Michel Massih QC

Primary tabs

This was a BLD interview with Debo Nwauzu in July 2010. Read more about Michel Massih QC in the Directory

Our Lawyer of the Month is Michel Massih QC of Tooks Chambers, who is the world’s first and only known practising Queen’s Counsel of Palestinian origin.

Michel was brought up in Jerusalem and attended the De La Salle Catholic school in Jerusalem. He came to England in 1966 aged 16 to study for his ‘A’ levels with the intention of doing a degree in Aeronautical Engineering. In London in 1966, Michel discovered his voice, lost his shyness, found his vocation and discarded his dream of being an Aeronautical Engineer in Speaker’s Corner, Hyde Park, London where standing on soap box, he spoke about Palestine.
In 1967 the Arab-Israeli War (the Six Days’ War) broke out with Israel gaining control of the Sinai Peninsula, the Gaza Strip, the West Bank, East Jerusalem, and the Golan Heights and Michel’s future completely changed and he remained in England having to work to support himself. He ended up reading Law at London University graduating in 1977.  He was called to the Bar in 1979 and took silk in 1999.  
In over twenty five years, Michel has defended some of the most notorious leading criminal cases in the UK. He has defended in a large number of headline terrorist cases, including a number of IRA cases (including the Brighton Bombers) and the “Ricin” and “Fertilizer” cases, as well as acting for one of five Muslim students from Bradford University who, having been jailed in 2007 for downloading extremist material, had their convictions quashed by the Court of Appeal that possession of such material was not sufficient as there must be the intent to use it for violent purpose.
His work has also included extradition, gangland cases, murders, money laundering/fraud, kidnapping/extortion and drugs and important sex cases, including the leading “Date-Rape” trial.  His other defence work has included representing members of the Kuwaiti and Saudi Royal families on drug related charges.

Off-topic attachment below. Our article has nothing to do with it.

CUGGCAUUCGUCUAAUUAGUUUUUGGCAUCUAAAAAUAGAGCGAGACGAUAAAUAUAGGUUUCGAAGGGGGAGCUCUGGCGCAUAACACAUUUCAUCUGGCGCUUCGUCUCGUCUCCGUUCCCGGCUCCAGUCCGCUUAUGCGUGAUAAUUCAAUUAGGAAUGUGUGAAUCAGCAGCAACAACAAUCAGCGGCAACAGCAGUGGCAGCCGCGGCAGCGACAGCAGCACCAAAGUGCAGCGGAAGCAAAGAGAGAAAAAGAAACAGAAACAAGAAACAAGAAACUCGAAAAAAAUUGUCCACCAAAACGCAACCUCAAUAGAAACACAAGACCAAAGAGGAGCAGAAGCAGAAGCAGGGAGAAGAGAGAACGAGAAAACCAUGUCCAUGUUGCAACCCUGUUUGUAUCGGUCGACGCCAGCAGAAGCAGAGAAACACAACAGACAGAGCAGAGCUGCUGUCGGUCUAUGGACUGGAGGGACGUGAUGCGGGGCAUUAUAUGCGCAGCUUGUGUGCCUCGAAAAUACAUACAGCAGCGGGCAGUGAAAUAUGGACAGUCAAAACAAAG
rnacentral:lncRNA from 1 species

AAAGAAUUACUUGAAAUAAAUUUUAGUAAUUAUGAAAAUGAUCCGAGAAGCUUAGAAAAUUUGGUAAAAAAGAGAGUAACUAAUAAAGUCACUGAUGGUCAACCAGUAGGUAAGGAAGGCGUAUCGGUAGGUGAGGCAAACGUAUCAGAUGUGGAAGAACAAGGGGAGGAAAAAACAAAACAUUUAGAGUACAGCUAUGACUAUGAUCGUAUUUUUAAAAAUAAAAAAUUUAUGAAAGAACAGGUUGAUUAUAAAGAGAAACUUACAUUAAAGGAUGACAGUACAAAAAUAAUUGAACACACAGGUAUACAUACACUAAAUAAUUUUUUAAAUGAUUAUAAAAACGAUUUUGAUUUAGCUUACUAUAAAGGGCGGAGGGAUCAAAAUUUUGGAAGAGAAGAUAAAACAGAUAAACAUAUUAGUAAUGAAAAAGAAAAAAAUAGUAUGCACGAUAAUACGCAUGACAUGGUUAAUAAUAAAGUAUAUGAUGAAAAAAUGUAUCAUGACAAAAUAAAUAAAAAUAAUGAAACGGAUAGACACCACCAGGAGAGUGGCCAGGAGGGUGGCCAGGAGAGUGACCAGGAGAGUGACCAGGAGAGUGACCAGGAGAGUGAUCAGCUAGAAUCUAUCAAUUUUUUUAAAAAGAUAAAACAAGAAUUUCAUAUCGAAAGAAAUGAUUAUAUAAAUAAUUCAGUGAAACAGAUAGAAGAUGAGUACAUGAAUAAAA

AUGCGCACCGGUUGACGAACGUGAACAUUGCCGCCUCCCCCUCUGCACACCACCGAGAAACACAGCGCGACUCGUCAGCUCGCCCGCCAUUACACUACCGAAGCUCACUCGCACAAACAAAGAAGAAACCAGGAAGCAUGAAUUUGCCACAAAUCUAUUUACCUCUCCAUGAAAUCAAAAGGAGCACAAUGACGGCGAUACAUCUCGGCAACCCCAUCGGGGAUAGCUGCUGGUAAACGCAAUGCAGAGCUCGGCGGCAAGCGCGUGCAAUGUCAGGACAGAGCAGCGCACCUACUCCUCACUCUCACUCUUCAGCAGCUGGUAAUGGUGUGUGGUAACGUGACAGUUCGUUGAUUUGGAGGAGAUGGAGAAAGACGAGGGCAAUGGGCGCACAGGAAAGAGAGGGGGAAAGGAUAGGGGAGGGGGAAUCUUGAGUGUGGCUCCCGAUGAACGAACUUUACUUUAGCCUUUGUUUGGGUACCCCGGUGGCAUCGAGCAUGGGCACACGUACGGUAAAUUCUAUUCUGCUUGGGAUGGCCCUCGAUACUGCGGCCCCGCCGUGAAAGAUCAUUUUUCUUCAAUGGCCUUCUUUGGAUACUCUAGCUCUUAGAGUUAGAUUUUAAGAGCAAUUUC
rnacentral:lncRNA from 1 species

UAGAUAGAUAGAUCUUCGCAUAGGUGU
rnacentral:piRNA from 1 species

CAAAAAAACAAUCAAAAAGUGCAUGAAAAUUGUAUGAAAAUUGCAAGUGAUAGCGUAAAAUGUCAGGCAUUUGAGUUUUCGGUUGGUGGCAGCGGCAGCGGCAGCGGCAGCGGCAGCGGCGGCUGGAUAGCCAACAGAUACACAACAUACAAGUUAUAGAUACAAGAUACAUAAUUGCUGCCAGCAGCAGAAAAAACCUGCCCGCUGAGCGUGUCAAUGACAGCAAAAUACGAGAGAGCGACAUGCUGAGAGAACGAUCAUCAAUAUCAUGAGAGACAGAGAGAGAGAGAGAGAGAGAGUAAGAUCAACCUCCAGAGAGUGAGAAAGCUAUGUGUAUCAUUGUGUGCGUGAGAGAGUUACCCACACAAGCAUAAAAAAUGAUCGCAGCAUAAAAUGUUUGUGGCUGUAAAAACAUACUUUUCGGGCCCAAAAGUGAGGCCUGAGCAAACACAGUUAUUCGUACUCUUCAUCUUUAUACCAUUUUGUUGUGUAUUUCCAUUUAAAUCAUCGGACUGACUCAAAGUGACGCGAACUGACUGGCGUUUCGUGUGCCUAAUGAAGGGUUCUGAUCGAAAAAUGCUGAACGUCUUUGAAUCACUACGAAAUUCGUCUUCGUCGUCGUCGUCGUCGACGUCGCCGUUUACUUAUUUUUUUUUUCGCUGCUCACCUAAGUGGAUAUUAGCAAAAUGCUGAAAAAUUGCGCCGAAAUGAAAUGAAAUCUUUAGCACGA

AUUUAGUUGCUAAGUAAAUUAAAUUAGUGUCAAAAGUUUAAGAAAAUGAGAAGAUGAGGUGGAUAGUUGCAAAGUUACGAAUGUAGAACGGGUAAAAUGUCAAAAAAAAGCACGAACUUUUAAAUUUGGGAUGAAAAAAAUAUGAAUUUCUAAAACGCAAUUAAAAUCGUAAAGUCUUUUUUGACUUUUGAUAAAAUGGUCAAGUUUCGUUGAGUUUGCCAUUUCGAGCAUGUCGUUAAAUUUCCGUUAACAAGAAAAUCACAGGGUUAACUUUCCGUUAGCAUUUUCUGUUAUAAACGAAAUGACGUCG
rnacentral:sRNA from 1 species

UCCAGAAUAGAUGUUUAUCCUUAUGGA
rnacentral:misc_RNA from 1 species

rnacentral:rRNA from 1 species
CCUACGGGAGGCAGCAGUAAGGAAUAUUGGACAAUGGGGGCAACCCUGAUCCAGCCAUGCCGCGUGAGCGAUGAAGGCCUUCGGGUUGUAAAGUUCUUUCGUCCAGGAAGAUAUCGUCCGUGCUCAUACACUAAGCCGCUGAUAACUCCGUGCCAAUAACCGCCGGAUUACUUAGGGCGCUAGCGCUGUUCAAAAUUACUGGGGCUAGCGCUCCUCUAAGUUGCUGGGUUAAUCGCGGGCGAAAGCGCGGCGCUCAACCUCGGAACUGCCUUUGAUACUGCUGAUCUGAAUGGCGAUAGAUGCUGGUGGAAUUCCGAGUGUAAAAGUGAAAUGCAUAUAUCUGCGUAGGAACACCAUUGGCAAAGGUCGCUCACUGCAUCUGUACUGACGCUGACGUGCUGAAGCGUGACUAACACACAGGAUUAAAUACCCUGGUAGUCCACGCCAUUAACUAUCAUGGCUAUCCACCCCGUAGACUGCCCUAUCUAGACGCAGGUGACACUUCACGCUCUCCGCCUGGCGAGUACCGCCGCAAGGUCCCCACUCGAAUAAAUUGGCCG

Michel has appeared in a number of miscarriage of justice cases and has appeared in reported cases in the Court of Appeal and in the House of Lords. Internationally, he is instructed by Eversheds to advise the Government of Sudan on the issuance of the arrest warrant against the President of the Sudan, Omar al Bashir who is accused of war crimes in Darfur. He has also appeared in the Maldives acting for the leader of the opposition who has now become the President and is currently acting for the Syrian Government and senior Syrian officials who are being investigated by the United Nations for the murder of the Lebanese ex-Prime Minister Rafik Hariri.
In 2003, he famously represented seven of the nine Afghan men who hijacked a plane which they forced to land at Stansted Airport and against all odds successfully represented them in their appeal against their conviction on the grounds that they had acted under duress.
Known for his legendary mixture of humour and aggression, reputedly a policeman he was cross-examining was reported to have fainted during cross-examination.
A well known defence lawyer, Michel has been instructed on behalf of a number of families to bring prosecutions against senior Israeli officials for alleged war crimes. He has acted for the Hurndalls - the London family whose son was murdered in Gaza. In September 2009 he acted for Palestinian families on their application to the court to issue an arrest warrant against the then Israeli Prime Minister, Ehud Barak, for war crimes when Barak was in London which ultimately failed because Barak had diplomatic immunity.  He has acted for the families seeking the prosecution of Israeli war criminals, including General Mofaz and ex-Prime Minister Sharon.